Virginia head coach Tony Bennett watches the court during a game against Clemson at John Paul Jones Arena.

Virginia’s loss to Louisville didn’t feel like a normal game for this year’s UVa squad. The Cavaliers sunk 11 shots from 3-point range and scored a season-high 73 points. Despite the offensive masterpiece, Virginia fell 80-73 as the Cardinals’ offense found holes in Virginia’s Pack Line defense.

Notre Dame, which comes to Charlottesville on Tuesday night, plays much differently than the Cavaliers. Mike Brey’s squad ranks among the most efficient offenses in the nation.

The Fighting Irish rarely turn the ball over, and they shoot it well from the perimeter. Interestingly, only Miami ranks worse among ACC teams in defensive efficiency during conference games.

Virginia and Notre Dame feel like opposites on the court, but they’ll enter Tuesday’s showdown neck and neck in various metrics.

As of Monday morning, Notre Dame ranked 51st in the NET rankings. Virginia ranked 52nd.

ESPN’s BPI listed Virginia at No. 42, and Notre Dame slid in at No. 47. UVa came in at No. 51 in KenPom, and Notre Dame sat at No. 55.

Tuesday’s game matters as ACC teams jockey for position on the bubble. The Cavaliers and Fighting Irish only meet once in the regular season, and head-to-head matchups play a role in the selection committee’s decisions. The winner of this one could hold an edge in March.

“Man, it’d be huge,” Brey said of a potential win. “We just have not had any answers to Virginia. For us, in the midst of this run to get one there, I think would really grow confidence to even another level … it’d be huge, and it’d be huge for our resume. It’s so needed.”

Despite rarely playing in tight defensive battles, Notre Dame comes to Virginia two days after a 61-57 win at Clemson, which plays similarly to Virginia. After scoring 80 points in five consecutive games prior to the Clemson victory, Notre Dame found itself in a rare rock fight.

“I said in the locker room, I said ‘Fellas, we are gonna be in the same situation,’” Brey told his team after the Clemson win. “’It’s not gonna be pretty. It’s gonna be a wrestling match and this is a great prelim to dealing with their style of play.’”

Virginia, which is no stranger to a good rock fight, wants to keep momentum rolling. Despite losing to Louisville, the Cavaliers erased a 14-point halftime deficit and performed admirably against a top-5 team. They’re 4-2 in their last six games, and they won three games in a row prior to the close loss to Louisville.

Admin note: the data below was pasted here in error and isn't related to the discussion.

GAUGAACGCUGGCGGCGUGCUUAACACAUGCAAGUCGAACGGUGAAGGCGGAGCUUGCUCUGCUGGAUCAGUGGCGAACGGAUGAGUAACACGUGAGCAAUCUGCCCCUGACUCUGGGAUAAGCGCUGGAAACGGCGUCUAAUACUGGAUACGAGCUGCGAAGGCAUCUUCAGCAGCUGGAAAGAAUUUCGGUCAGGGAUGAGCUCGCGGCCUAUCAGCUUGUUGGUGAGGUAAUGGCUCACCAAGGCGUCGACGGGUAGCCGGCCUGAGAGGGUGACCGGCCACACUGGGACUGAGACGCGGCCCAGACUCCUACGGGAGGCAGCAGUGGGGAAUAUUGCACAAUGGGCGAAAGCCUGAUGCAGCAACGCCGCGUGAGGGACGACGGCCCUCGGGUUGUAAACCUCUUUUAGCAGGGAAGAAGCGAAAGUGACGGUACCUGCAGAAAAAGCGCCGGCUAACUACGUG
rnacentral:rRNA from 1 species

The Cavaliers don’t need to knock in 11 shots from beyond the arc to win games, but they want to maintain improved offensive rhythm against Notre Dame. That’s a realistic possibility given some of Notre Dame’s defensive woes in recent weeks.

Defensively, Virginia faces a test against Notre Dame’s efficient and dynamic offense. The Fighting Irish feature a few good shooting guards and John Mooney is a walking double-double in the post. He averages 16.5 points and 13 rebounds per contest.

The team’s experience might be its best attribute. The Fighting Irish primarily feature a lineup with four seniors. The one underclassman, Prentiss Hubb, is an experienced sophomore point guard playing at a high level. Experience helps the Fighting Irish stay in seemingly every game. Of Notre Dame’s eight losses, five have come by one possession.

“Well, first they’re a veteran team,” Virginia coach Tony Bennett said. “I know Coach Brey, I heard him — I don’t know if he coined it — but he said ‘Get old, stay old,’ and I’ve always remembered that. They have a number of seniors and even in their losses they’ve been so close.”

Bennett mentioned Notre Dame’s motion and versatility with lineups as challenges when facing the Fighting Irish. It won’t be an easy matchup for the Cavaliers, but Bennett has had Brey’s number since the Fighting Irish joined the ACC. Bennett is 8-1 against Brey and Notre Dame.

Virginia and Notre Dame win differently this season, but the contrasting styles have both teams in a similar spot in mid-February.

They need a win.

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